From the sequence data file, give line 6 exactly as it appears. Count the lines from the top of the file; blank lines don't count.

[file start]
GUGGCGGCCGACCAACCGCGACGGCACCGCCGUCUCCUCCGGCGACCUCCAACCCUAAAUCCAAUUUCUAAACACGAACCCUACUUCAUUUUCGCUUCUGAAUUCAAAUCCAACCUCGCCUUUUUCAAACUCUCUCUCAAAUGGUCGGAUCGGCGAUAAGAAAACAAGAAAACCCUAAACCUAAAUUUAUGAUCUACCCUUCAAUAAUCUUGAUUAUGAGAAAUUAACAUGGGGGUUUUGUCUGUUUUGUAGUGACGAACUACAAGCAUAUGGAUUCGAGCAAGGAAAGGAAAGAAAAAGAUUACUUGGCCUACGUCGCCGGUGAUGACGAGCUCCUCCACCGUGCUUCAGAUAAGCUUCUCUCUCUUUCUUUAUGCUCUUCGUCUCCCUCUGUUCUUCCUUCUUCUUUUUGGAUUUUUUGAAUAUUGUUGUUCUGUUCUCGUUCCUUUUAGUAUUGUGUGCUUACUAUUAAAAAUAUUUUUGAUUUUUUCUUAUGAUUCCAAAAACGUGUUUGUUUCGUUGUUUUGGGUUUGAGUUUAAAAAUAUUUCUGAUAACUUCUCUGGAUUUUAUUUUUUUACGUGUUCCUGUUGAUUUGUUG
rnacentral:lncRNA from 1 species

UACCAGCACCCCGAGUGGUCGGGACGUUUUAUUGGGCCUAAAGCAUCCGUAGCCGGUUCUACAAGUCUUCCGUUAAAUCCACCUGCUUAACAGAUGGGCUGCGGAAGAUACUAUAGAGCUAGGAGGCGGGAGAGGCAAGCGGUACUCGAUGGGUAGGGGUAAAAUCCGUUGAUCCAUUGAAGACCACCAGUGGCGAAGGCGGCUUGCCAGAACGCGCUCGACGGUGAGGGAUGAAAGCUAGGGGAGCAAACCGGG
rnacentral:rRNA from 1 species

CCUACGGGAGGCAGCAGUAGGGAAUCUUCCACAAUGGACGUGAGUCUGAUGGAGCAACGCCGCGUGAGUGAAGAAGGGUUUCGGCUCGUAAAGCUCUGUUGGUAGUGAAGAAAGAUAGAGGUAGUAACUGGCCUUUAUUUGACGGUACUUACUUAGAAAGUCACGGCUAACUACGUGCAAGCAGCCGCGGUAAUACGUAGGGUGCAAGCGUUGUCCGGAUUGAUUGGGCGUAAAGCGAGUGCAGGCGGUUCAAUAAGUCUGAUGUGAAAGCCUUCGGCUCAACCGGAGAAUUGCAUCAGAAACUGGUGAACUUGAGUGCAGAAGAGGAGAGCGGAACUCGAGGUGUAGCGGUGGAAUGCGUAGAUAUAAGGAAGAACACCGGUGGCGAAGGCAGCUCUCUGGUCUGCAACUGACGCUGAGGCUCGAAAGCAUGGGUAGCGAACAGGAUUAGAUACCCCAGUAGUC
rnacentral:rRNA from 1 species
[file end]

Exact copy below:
rnacentral:rRNA from 1 species